WINNER OF THE WEEK: Star Trek Into Darkness. J.J. Abrams and his cast of Star Trek Muppet Babies pretty much had the film galaxy all to themselves this weekend. With no other movie debuting in wide release, Abrams' second Trek adventure easily won the weekend with an estimated $70.6 million take from Friday to Sunday. Add in the screenings on Wednesday at midnight and all day Thursday, and the space sequel has a total take so far of $84.1 million.
That would all be terrific news if Paramount hadn't been counting on a $100 million weekend. Indeed, the film debuted slightly lower than 2009's Star Trek ($75.2 million from Friday to Sunday, plus another $4.0 million from Thursday screenings). And that film didn't benefit from 3D surcharges, as Into Darkness did.
It's hard to say why this Trek installment didn't do better. After all, it not only had 3D fees going for it; it also had generally positive reviews and rapturous word-of-mouth (an A from CinemaScore). Maybe the marketing wasn't as ubiquitous as it could have been; a merchandising dispute between Abrams and Trek character rights-holder CBS kept licensed products off retailers' shelves. Or maybe it's just that, after 47 years, Trek still has yet to prove its allure to the audience beyond the loyal fanboys.
LOSER OF THE WEEK: Every non-tentpole movie. There's very little oxygen in space and even less at the multiples, where Star Trek, Iron Man 3, and The Great Gatsby were sucking it all up. Iron Man 3, which on Thursday became one of only 16 movies in history to earn more than $1 billion worldwide (after just 23 days in release), slipped to second place after two weeks at Number One and earned another estimated $35.2 million in North America, for a domestic total of $337.1 million. Gatsby also dropped one notch, to third place, on estimated earnings of $23.4 million, for a two-weekend total of $90.2 million.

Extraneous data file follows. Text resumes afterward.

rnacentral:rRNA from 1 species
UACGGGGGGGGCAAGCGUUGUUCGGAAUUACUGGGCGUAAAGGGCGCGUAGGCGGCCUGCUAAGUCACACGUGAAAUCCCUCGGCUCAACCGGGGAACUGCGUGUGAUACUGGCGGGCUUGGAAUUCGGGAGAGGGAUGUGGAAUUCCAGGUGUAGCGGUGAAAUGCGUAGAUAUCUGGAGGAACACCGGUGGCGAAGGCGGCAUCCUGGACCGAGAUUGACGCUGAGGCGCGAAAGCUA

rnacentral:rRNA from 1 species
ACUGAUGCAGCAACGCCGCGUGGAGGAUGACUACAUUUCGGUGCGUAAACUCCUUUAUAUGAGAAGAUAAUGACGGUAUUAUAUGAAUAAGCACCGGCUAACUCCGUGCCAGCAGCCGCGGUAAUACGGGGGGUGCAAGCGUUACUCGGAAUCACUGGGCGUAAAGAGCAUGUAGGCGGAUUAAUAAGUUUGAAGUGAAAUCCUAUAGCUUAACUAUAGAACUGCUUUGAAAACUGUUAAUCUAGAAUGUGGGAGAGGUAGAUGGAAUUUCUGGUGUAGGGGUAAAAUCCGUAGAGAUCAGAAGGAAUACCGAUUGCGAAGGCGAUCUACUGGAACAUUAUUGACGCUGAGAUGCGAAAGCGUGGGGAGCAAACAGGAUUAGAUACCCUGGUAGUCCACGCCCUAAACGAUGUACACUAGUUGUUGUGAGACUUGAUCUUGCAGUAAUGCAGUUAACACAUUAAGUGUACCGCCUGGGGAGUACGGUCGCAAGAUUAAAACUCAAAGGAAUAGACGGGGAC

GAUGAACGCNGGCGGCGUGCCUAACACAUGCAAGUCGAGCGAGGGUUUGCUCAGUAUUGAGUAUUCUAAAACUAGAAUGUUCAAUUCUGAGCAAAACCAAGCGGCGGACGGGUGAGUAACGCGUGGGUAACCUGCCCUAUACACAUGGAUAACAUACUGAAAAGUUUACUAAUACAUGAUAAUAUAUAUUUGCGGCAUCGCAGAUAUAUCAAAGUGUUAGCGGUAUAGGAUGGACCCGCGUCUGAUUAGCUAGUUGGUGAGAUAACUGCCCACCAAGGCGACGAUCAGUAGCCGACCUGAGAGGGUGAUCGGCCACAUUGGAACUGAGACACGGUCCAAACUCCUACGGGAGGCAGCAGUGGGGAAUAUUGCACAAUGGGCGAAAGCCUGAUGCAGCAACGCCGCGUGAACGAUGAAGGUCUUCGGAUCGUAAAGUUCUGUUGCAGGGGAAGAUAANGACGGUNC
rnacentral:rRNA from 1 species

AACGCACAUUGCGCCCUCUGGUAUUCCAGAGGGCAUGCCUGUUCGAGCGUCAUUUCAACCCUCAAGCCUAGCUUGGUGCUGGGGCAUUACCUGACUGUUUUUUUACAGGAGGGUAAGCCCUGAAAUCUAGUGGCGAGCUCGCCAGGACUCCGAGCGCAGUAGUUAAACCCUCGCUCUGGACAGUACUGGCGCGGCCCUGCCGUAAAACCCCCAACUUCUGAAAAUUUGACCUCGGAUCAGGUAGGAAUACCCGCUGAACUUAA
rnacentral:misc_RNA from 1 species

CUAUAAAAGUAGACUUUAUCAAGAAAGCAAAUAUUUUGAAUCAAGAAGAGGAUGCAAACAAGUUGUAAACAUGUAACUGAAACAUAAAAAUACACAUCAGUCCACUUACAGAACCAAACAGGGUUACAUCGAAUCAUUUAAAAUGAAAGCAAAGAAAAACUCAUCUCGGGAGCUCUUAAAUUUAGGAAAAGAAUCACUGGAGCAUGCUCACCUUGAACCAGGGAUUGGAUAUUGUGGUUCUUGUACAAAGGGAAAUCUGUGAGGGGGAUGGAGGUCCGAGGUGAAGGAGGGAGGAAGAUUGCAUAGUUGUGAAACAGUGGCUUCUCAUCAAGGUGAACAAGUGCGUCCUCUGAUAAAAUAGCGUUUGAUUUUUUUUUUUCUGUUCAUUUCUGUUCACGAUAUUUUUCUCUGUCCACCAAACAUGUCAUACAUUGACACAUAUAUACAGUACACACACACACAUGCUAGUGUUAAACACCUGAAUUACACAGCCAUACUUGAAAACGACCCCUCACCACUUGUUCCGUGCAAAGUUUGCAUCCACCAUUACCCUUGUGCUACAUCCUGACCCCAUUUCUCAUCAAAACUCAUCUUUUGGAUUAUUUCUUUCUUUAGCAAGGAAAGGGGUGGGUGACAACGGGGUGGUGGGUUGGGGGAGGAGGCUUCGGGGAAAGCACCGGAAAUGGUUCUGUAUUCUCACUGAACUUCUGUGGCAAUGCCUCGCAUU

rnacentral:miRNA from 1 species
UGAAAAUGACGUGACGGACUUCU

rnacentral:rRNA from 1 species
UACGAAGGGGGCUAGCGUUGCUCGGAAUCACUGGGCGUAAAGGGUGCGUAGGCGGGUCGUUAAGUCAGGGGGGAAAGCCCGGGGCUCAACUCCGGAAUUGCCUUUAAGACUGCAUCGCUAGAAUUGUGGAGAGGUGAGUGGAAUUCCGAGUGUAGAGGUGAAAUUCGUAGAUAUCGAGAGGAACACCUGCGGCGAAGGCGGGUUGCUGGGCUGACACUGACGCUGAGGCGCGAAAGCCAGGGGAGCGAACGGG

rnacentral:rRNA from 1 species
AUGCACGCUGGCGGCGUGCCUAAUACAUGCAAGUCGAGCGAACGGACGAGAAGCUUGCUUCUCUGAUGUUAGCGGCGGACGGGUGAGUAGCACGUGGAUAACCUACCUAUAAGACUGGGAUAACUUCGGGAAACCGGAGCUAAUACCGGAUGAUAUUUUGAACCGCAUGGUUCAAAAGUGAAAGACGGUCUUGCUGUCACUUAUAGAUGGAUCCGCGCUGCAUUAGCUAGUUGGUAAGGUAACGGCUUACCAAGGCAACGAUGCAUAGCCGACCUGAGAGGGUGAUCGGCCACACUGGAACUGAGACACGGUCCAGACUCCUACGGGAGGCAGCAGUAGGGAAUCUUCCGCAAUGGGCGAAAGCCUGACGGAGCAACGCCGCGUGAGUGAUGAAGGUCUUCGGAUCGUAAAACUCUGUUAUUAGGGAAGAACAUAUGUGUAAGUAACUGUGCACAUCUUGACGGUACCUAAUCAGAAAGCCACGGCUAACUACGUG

After that, the drop-off was steep. No other movie earned more than $3.1 million this weekend; that's the estimated take of Number Four film Pain and Gain, which has earned $46.6 million over four weeks. Caveman cartoon The Croods remains in the top five after nine weeks, coming in fifth with an estimated $2.8 million, for a total so far of $176.8 million.
LIGHTEN UP, 'FRANCES': The only movie that dared open opposite Into Darkness this weekend was Noah Baumbach's black-and-white indie dramedy Frances Ha, which opened on just four screens but earned an estimated $33,500 on each. That's the best per-screen average of the week, by far; Star Trek earned a per-screen average of $18,241.
Other limited-release movies saw business among non-Trekkies boom as well. The Iceman saw sales rise more than 300 percent over last week after it added another 148 screens (for a total of 165), grossing an estimated $452,000 this weekend, for a three-week total of $752,000. Also adding screens and sales were Kon-Tiki (which grossed an estimated $153,000 this weekend, for a total of $415,600), Stories We Tell (another estimated $137,000, for a 10-day total of $180,000), and Love Is All You Need (another estimated $72,700, for a three-week total of $176,000). Most cleverly of all, The Weinstein Company's months-old animated hit Escape From Planet Earth, playing on jut 254 screens last week, added another 439 screens in its 14th week and was rewarded with an estimated $222,000, up 118 percent from last week, for a total so far of $55.6 million. The Weinsteins must have figured that, if you couldn't get into see Star Trek, the next best thing was their sci-fi cartoon starring the voice of the original Captain Kirk.
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